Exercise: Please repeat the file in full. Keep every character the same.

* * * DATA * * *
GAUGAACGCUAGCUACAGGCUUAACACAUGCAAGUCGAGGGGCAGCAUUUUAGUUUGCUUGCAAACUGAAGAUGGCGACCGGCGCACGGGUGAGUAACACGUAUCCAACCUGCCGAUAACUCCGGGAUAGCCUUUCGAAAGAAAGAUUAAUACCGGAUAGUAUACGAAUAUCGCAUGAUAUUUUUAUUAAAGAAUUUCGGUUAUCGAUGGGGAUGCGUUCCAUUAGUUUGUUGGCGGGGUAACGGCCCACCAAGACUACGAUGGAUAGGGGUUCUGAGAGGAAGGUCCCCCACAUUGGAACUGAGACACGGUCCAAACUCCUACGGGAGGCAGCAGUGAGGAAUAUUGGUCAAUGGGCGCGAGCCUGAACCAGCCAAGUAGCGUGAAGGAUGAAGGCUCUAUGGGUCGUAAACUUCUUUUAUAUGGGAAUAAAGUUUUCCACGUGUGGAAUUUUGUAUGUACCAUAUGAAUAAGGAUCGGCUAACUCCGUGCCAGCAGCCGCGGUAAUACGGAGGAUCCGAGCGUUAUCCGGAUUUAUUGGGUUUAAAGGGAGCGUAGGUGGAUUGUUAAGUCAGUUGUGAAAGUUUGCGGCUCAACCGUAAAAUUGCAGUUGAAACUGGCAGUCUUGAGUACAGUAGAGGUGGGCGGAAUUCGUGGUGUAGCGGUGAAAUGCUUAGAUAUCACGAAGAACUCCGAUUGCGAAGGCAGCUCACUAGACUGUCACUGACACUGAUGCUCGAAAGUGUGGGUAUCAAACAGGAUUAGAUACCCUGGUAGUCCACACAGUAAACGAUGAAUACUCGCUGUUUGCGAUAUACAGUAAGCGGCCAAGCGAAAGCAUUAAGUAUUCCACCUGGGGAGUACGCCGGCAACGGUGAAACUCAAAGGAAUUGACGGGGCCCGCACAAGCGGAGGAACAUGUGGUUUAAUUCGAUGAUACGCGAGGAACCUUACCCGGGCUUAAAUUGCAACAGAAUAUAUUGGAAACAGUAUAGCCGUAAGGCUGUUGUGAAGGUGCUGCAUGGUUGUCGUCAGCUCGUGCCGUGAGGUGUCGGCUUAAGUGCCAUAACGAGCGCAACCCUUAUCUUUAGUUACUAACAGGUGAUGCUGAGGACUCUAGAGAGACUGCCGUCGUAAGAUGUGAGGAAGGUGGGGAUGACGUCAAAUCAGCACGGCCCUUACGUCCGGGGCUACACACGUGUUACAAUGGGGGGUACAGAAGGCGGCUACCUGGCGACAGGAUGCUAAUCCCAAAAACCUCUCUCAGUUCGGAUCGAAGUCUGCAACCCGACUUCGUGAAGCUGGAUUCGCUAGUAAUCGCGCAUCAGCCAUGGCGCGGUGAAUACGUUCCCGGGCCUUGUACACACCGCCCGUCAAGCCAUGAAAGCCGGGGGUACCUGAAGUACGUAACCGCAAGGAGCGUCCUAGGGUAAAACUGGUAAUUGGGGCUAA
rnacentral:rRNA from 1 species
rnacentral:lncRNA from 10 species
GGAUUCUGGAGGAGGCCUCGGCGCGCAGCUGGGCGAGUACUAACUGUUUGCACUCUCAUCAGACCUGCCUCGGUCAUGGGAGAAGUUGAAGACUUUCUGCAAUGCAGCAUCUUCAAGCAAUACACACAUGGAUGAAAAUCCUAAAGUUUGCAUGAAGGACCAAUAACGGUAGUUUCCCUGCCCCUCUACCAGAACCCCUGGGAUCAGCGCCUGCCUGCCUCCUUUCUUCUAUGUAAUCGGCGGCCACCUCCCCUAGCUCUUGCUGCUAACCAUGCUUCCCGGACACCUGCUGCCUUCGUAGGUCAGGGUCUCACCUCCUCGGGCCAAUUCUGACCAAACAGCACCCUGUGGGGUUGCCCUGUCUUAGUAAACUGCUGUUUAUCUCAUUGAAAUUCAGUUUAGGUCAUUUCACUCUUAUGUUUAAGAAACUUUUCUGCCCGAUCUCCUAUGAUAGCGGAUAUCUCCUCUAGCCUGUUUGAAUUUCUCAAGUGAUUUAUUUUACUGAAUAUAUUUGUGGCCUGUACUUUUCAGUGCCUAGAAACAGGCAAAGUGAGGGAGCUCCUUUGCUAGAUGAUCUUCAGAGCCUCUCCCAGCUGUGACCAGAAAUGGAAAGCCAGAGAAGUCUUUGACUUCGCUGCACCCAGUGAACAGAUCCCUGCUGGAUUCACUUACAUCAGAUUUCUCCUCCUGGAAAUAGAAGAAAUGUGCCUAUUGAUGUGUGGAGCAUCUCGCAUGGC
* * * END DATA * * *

GAUGAACGCUAGCUACAGGCUUAACACAUGCAAGUCGAGGGGCAGCAUUUUAGUUUGCUUGCAAACUGAAGAUGGCGACCGGCGCACGGGUGAGUAACACGUAUCCAACCUGCCGAUAACUCCGGGAUAGCCUUUCGAAAGAAAGAUUAAUACCGGAUAGUAUACGAAUAUCGCAUGAUAUUUUUAUUAAAGAAUUUCGGUUAUCGAUGGGGAUGCGUUCCAUUAGUUUGUUGGCGGGGUAACGGCCCACCAAGACUACGAUGGAUAGGGGUUCUGAGAGGAAGGUCCCCCACAUUGGAACUGAGACACGGUCCAAACUCCUACGGGAGGCAGCAGUGAGGAAUAUUGGUCAAUGGGCGCGAGCCUGAACCAGCCAAGUAGCGUGAAGGAUGAAGGCUCUAUGGGUCGUAAACUUCUUUUAUAUGGGAAUAAAGUUUUCCACGUGUGGAAUUUUGUAUGUACCAUAUGAAUAAGGAUCGGCUAACUCCGUGCCAGCAGCCGCGGUAAUACGGAGGAUCCGAGCGUUAUCCGGAUUUAUUGGGUUUAAAGGGAGCGUAGGUGGAUUGUUAAGUCAGUUGUGAAAGUUUGCGGCUCAACCGUAAAAUUGCAGUUGAAACUGGCAGUCUUGAGUACAGUAGAGGUGGGCGGAAUUCGUGGUGUAGCGGUGAAAUGCUUAGAUAUCACGAAGAACUCCGAUUGCGAAGGCAGCUCACUAGACUGUCACUGACACUGAUGCUCGAAAGUGUGGGUAUCAAACAGGAUUAGAUACCCUGGUAGUCCACACAGUAAACGAUGAAUACUCGCUGUUUGCGAUAUACAGUAAGCGGCCAAGCGAAAGCAUUAAGUAUUCCACCUGGGGAGUACGCCGGCAACGGUGAAACUCAAAGGAAUUGACGGGGCCCGCACAAGCGGAGGAACAUGUGGUUUAAUUCGAUGAUACGCGAGGAACCUUACCCGGGCUUAAAUUGCAACAGAAUAUAUUGGAAACAGUAUAGCCGUAAGGCUGUUGUGAAGGUGCUGCAUGGUUGUCGUCAGCUCGUGCCGUGAGGUGUCGGCUUAAGUGCCAUAACGAGCGCAACCCUUAUCUUUAGUUACUAACAGGUGAUGCUGAGGACUCUAGAGAGACUGCCGUCGUAAGAUGUGAGGAAGGUGGGGAUGACGUCAAAUCAGCACGGCCCUUACGUCCGGGGCUACACACGUGUUACAAUGGGGGGUACAGAAGGCGGCUACCUGGCGACAGGAUGCUAAUCCCAAAAACCUCUCUCAGUUCGGAUCGAAGUCUGCAACCCGACUUCGUGAAGCUGGAUUCGCUAGUAAUCGCGCAUCAGCCAUGGCGCGGUGAAUACGUUCCCGGGCCUUGUACACACCGCCCGUCAAGCCAUGAAAGCCGGGGGUACCUGAAGUACGUAACCGCAAGGAGCGUCCUAGGGUAAAACUGGUAAUUGGGGCUAA
rnacentral:rRNA from 1 species
rnacentral:lncRNA from 10 species
GGAUUCUGGAGGAGGCCUCGGCGCGCAGCUGGGCGAGUACUAACUGUUUGCACUCUCAUCAGACCUGCCUCGGUCAUGGGAGAAGUUGAAGACUUUCUGCAAUGCAGCAUCUUCAAGCAAUACACACAUGGAUGAAAAUCCUAAAGUUUGCAUGAAGGACCAAUAACGGUAGUUUCCCUGCCCCUCUACCAGAACCCCUGGGAUCAGCGCCUGCCUGCCUCCUUUCUUCUAUGUAAUCGGCGGCCACCUCCCCUAGCUCUUGCUGCUAACCAUGCUUCCCGGACACCUGCUGCCUUCGUAGGUCAGGGUCUCACCUCCUCGGGCCAAUUCUGACCAAACAGCACCCUGUGGGGUUGCCCUGUCUUAGUAAACUGCUGUUUAUCUCAUUGAAAUUCAGUUUAGGUCAUUUCACUCUUAUGUUUAAGAAACUUUUCUGCCCGAUCUCCUAUGAUAGCGGAUAUCUCCUCUAGCCUGUUUGAAUUUCUCAAGUGAUUUAUUUUACUGAAUAUAUUUGUGGCCUGUACUUUUCAGUGCCUAGAAACAGGCAAAGUGAGGGAGCUCCUUUGCUAGAUGAUCUUCAGAGCCUCUCCCAGCUGUGACCAGAAAUGGAAAGCCAGAGAAGUCUUUGACUUCGCUGCACCCAGUGAACAGAUCCCUGCUGGAUUCACUUACAUCAGAUUUCUCCUCCUGGAAAUAGAAGAAAUGUGCCUAUUGAUGUGUGGAGCAUCUCGCAUGGC